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"Make it and put it away for two years...."

The common chickweed, Stellaria media, is actually a member of the carnation family. The small, delicate, reclining plant has small leaves and small white flowers with five, deeply cleft petals which instead look like ten petals. Although native to America, a species imported from Europe is actually the most common and is often found growing in lawns, gardens and flower beds. It seems to bloom constantly during the summer, with blooms opening around mid-morning.

Chickweed is eaten by small birds, chickens and people. It can be served raw in salads or cooked as a green. Everything but the root is eaten. A tea made from infused chickweed was once thought to cure obesity.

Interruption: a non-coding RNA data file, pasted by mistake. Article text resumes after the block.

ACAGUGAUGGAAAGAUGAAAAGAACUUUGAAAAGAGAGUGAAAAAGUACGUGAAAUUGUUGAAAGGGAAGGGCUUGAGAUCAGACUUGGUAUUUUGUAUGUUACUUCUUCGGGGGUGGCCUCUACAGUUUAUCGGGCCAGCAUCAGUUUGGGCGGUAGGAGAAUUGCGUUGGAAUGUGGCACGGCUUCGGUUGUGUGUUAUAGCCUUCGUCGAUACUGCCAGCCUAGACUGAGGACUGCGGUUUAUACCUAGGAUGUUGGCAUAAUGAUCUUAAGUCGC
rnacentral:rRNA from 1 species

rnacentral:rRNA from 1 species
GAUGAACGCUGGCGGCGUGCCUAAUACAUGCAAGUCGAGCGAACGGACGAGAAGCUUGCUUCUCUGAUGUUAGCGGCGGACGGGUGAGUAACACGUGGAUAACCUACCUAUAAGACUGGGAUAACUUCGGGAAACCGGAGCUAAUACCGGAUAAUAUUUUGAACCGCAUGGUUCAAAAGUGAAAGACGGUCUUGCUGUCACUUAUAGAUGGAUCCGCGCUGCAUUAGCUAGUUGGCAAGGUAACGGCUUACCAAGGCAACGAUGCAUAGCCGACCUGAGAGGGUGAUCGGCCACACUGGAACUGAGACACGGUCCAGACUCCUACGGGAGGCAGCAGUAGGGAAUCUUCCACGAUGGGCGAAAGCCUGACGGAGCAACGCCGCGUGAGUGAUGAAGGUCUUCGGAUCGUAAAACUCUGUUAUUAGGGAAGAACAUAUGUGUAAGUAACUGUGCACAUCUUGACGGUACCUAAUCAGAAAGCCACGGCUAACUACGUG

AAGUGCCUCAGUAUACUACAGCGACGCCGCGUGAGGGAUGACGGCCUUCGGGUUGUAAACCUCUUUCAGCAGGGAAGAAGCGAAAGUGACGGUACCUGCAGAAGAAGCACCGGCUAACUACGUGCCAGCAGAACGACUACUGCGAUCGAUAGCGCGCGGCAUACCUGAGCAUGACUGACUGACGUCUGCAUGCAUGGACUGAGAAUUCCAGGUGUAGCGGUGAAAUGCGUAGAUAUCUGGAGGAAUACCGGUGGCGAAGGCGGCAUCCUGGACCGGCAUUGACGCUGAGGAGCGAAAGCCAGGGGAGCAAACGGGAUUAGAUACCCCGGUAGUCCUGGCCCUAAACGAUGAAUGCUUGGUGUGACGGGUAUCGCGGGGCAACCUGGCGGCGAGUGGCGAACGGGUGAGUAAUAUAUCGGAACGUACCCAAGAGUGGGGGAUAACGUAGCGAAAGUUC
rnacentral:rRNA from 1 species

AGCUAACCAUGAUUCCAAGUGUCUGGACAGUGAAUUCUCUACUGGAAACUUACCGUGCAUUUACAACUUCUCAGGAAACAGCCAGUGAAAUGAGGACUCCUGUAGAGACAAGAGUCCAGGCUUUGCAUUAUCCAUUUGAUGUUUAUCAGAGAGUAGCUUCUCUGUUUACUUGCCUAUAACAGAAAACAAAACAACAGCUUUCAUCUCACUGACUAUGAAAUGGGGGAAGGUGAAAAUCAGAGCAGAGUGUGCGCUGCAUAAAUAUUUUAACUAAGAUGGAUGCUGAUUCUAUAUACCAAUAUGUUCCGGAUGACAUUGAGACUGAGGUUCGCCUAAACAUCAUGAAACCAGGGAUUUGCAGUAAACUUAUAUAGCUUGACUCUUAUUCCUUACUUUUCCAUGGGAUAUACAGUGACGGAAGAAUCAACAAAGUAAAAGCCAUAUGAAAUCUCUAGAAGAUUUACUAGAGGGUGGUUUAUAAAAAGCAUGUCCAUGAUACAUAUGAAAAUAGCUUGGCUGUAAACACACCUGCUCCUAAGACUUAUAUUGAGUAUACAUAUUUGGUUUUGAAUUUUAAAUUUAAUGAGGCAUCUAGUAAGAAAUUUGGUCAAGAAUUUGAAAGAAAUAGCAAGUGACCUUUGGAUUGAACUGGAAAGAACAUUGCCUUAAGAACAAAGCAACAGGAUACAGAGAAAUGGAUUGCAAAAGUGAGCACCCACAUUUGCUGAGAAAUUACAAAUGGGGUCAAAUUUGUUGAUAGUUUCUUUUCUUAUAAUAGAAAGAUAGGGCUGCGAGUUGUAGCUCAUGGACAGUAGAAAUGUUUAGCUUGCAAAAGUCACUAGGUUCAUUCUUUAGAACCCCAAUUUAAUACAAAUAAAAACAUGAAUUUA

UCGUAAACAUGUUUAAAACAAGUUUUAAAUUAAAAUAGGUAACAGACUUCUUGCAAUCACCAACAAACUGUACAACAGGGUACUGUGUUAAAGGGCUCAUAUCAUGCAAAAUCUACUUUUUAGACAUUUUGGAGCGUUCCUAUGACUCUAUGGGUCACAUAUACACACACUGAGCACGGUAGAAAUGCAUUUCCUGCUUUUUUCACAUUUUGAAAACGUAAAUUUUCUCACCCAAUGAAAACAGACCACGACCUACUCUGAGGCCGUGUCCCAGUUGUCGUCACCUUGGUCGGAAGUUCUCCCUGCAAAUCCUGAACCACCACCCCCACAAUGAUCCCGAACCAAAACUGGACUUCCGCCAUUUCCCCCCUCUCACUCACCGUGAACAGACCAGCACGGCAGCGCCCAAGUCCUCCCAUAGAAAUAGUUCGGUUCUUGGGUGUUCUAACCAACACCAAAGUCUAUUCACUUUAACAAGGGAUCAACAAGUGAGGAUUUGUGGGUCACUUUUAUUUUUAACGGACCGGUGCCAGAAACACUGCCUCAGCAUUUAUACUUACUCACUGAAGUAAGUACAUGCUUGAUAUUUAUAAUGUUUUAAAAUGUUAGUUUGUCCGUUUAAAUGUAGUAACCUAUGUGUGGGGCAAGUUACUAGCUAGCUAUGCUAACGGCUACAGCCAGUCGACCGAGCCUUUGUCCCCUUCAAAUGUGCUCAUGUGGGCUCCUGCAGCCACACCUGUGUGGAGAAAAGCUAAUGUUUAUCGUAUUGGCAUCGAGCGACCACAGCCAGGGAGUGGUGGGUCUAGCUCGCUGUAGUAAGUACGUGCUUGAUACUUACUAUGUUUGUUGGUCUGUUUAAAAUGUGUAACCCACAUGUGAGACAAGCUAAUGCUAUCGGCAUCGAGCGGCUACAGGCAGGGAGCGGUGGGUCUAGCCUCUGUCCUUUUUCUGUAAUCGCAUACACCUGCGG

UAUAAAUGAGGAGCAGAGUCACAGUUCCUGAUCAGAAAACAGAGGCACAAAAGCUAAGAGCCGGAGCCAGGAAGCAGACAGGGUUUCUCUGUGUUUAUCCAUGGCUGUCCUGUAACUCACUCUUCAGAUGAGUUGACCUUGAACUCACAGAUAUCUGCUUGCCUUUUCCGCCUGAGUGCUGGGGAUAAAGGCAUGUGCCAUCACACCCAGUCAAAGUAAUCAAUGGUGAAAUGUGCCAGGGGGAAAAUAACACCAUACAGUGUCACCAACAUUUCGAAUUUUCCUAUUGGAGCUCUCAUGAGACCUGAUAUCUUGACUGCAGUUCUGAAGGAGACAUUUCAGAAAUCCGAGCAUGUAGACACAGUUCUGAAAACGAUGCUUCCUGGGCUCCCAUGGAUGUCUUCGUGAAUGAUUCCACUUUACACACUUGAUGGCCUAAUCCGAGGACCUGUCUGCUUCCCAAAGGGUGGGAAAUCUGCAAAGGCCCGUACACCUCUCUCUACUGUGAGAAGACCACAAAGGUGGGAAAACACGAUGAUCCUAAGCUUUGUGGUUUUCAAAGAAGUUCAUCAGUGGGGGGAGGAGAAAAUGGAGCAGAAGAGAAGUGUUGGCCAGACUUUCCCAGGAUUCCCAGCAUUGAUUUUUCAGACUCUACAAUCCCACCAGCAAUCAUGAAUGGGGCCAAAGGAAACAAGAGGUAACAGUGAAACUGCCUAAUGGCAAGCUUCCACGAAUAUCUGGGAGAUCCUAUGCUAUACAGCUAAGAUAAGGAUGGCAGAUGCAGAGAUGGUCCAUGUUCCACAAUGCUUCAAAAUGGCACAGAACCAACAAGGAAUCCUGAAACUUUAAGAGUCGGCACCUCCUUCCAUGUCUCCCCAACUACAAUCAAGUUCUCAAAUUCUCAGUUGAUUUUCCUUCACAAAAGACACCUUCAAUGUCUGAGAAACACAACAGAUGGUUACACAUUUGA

The whole plant, except the roots, is used in the wine. Bring 1 gallon water to boil. Meanwhile, wash the chickweed and thinly peel the orange and lemon. Add the peelings to the chickweed in a primary. Pour boiling water over them and allow to cool. Strain the liquid back into the primary and discard the chickweed and peelings. Add sugar and juice of the citrus and stir well to dissolve. Add remaining ingredients and cover with clean cloth. Ferment 7 days, then pour into secondary and fit airlock. Rack every 30 days into sanitized secondary until wine clears and no further sediments are dropped during a 30-day period. Stabilize, sweeten if desired and rack into bottles. This wine will not be remarkable until aged at least one year. Two years is better. [Recipe adapted from Steven A. Krause's Wines from the Wilds]

Last update was May 22nd, 2002.

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